The Algerian army on Thursday warned that if Libyan tribes are armed during the country’s current crisis, this could turn Libya into a "new Somalia."
"The new situation today on the ground [in Libya] is more dangerous than anyone could imagine, and the repercussions of a proxy war planned by some parties to be implemented in Libya would have disastrous consequences on countries of the region," Algeria’s Army Magazine said in its August issue.
The magazine reiterated a warning by Algerian President Abdelmajid Tebboune that Libya could become a "new Somalia," referring to the 1991 civil war in the Horn of Africa country.
The magazine stressed the importance of reaching a political solution via dialogue between Libya’s warring parties.
In mid-July, Egyptian President Abdel Fattah al-Sisi met with a group of Libyan tribesmen who reportedly said they mandated the Egyptian military to intervene in Libya to “protect Libya’s sovereignty.”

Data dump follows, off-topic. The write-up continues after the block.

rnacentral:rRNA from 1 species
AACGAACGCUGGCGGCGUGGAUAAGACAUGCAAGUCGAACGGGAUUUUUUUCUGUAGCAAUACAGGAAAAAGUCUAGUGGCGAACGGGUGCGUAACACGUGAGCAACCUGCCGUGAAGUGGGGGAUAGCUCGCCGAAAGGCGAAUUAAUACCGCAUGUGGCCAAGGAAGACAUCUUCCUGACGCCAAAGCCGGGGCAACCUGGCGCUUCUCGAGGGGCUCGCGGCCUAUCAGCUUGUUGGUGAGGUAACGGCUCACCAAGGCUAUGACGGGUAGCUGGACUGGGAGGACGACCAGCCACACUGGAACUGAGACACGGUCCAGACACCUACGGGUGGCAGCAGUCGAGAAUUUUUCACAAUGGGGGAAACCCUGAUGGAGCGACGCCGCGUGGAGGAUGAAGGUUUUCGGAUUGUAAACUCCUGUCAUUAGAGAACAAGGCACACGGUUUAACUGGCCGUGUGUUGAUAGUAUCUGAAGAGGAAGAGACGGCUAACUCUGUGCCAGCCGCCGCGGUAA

Sisi told the tribesmen that Egypt would "not stand aside" in the face of increasing military mobilization near the city of Sirte in northern Libya.
Al-Sisi's call to arm the Libyan tribes in favor of warlord Khalifa Haftar against Libya’s UN-recognized government drew widespread criticism inside Libya.
Since April 2019, Haftar's illegitimate forces have launched attacks on the Libyan capital of Tripoli and other parts of northwestern Libya, resulting in more than 1,000 deaths, including civilian women and children.
But the Libyan government has recently achieved significant victories, pushing Haftar's forces out of Tripoli and the strategic city of Tarhuna.
* Ahmed Asmar contributed to this report from Ankara